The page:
Let it flow

East Isles residents build community with a taste of wine

South American wine was the theme one late-December night for the casual members of the East Isles Wine Club. It was 7 p.m. and they gathered at the home of John Farrell and Twyla Fannin with bottles of wine tucked under their arms.

Farrell and Fannin’s 1906 home was festooned with holiday decorations while Christmas songs played in the background. A cozy, yellow light filled the living and dining rooms where bowl-shaped wine glasses, plates of appetizers and a growing wine assortment awaited takers.

It was the third official meeting of the club. Although it is based in East Isles, some people from other neighborhoods also attend. Austin Damiani, 24, a commodities broker in Downtown’s Grain Exchange, founded the club as a way to learn more about wine and become better acquainted with neighbors; he also did it because he has fond childhood memories of small-town living, he said.

He hopes for a similar sense of community in the neighborhood, admitting that it’s challenging to meet people after graduating from college and beginning a new life in a new home. He and his wife, Rachel Winckler, 24, a Realtor, live in a condo in the neighborhood.

The club meets monthly at various members’ homes. The East Isles Residents Association, Lowry Hill Liquor Store and Kowalski’s Markets sponsor the get-togethers.

Damiani is pleased with how the wine club is going so far. Since October, club attendance has increased from six people to 25 partygoers last month (counting the youngest attendee, a 6-week-old baby named Griffin, who abstained from drinking wine, of course, and wore a sleeper proclaiming him to be a “Ladies Man”).

On the club’s website, eastisleswine.wordpress.com, its mission statement is as follows: “The East Isles Wine Club fosters a greater sense of community by providing neighbors an opportunity to get to know one another while indulging and expanding their appreciation of wine in a relaxed and intimate setting!”

Damiani says he’s received e-mails from wine enthusiasts in nearby suburbs, inquiring about how to install a wine club in their hometown.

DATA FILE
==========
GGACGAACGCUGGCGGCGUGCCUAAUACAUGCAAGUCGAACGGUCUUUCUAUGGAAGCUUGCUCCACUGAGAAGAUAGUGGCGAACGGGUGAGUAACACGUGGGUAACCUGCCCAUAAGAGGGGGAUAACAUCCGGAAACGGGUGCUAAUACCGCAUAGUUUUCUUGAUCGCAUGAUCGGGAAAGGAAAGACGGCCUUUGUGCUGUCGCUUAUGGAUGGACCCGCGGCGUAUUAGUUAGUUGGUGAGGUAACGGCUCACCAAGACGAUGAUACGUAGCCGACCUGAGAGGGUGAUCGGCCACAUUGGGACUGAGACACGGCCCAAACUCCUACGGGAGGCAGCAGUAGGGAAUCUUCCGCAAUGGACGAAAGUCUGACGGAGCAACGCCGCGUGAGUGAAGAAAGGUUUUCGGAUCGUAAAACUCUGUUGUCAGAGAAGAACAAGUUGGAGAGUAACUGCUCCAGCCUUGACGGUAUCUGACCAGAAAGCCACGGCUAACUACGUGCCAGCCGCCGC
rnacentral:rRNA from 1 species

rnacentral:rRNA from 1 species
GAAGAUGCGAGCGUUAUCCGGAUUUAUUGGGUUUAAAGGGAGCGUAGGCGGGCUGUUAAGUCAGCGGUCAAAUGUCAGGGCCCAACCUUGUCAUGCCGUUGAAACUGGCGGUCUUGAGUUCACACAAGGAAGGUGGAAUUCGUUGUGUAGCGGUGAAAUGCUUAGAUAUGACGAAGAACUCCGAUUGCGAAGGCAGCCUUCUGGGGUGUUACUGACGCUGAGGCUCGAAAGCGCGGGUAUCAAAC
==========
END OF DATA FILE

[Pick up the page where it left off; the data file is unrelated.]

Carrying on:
A taste test

In the East Isles Wine Club, there are no dues to pay or formalities dictating the evening’s flow. Meetings vary from organized and deliberate with tasters trying certain kinds of wine all at once to the informal, where participants sample different styles and mingle freely (as they did at Farrell and Fannin’s home). At a traditional wine tasting, participants try wines in order of strength, from lightest to meatiest.

In the Wine Club, some members carry notebooks, jotting notes about the tastes of various wines. They talk about their opinions and eventually vote on their favorite. Hosts determine what kind of wine attendees should bring to the next gathering.

So far, Spanish wines and varieties from across the Pacific Northwest have been featured. Farrell and Fannin said they chose to spotlight South American flavors because of their affinity for the region to which they frequently travel.

“We believe a strong community starts with relationships,” Farrell said. “It’s a values thing. Plus, it’s fun to have a party building new friendships.”

Also, the couple is simply eager to learn more about wine. (Fannin admits her favorite wine is called “Great with Steak.”)

The wine club attracts a mixed, all-legal-ages crowd of regulars and newcomers. Some are longtime East Isles residents, while many of them have moved into the neighborhood more recently.